My fiance, Mike Saunders, and me.
Mike and I have collaborated on the design of the bus conversion, and I have brought these designs to life both as Fusion models and through the construction process. 
Electrical Closet Layout
Electrical Closet Layout
Our beautiful conversion canvas
Our beautiful conversion canvas
We had never attempted anything like this - how do you even begin? I had to learn how to wire AC and DC circuits using three different power sources, properly sizing wires and components so that we didn't end up burning the bus to the ground or being stranded without power in the middle of nowhere. I had to figure out how much water we'd need for a weeklong trip and how to plumb a camper. We had design cleverly, maximizing every small space for storage while still leaving enough garage space for the lumber we plan to haul for future construction projects. 
YouTube became our best friend. Mike and I both have enough general building experience to know who to trust to teach us the finer details of bus conversion. In terms of design, we first decided the components that were most important to us: a queen size bed, an 8' long garage for lumber and sheet goods (and skis and snowboards, of course!), a kitchen with at least a sink, small fridge, and range, and separate toilet and shower rooms. We then used any remaining space to fit creative storage solutions: a bed platform on hydraulic struts, dining benches that double as storage, and a dining table that drops down to create a second bed.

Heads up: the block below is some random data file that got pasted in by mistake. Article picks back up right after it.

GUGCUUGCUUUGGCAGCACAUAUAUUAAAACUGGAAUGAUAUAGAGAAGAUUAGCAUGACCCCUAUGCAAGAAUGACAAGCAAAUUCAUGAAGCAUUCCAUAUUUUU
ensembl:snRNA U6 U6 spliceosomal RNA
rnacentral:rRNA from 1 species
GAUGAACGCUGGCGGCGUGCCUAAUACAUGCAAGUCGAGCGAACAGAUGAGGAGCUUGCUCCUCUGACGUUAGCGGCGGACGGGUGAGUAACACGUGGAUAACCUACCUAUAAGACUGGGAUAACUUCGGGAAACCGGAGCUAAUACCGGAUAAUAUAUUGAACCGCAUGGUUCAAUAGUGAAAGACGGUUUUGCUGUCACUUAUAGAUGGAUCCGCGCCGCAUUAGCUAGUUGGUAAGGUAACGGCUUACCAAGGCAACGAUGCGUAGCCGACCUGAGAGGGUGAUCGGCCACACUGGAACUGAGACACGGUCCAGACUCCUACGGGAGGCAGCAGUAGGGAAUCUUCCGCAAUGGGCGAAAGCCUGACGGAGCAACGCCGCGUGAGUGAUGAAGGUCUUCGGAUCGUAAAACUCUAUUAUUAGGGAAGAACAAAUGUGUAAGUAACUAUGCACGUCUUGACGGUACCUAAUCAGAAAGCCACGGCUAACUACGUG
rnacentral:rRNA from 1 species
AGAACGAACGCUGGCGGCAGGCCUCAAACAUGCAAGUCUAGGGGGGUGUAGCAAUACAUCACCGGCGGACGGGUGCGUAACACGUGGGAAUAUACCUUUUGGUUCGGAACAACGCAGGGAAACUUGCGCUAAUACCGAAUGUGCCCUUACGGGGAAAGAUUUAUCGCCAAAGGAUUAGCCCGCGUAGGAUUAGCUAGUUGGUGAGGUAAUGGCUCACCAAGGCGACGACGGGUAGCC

The first step was making the inside of the bus look less like a bus....a lot of demo. We ripped out all 18 seats, pulled out the rubber floors, and stripped the walls and ceilings of their metal sheeting. Once we thoroughly cleaned the metal shell we unveiled of gum lollipop sticks and pencils from 1997, we got to work putting in our insulation and subfloor. From there, we framed out the walls and ceilings, which involved an ungodly amount of wood to metal screws, and built the bed platform (as it houses many of our plumbing components). With framing in place, we designed and installed the components in our garage's electrical closet and subsequently ran all of our AC and DC lines to their respective lights, outlets, etc. Before the insulation goes in, we also had to rough in all of our plumbing, which meant hooking up our fresh water tank to our infill, pump, accumulator, and hot water heater and running PEX to each sink and shower.
The bus is nearly ready for finish work, with electrical and plumbing roughed in and insulation ready to be sprayed this week. We're excited to finally get to see our vision come to life!
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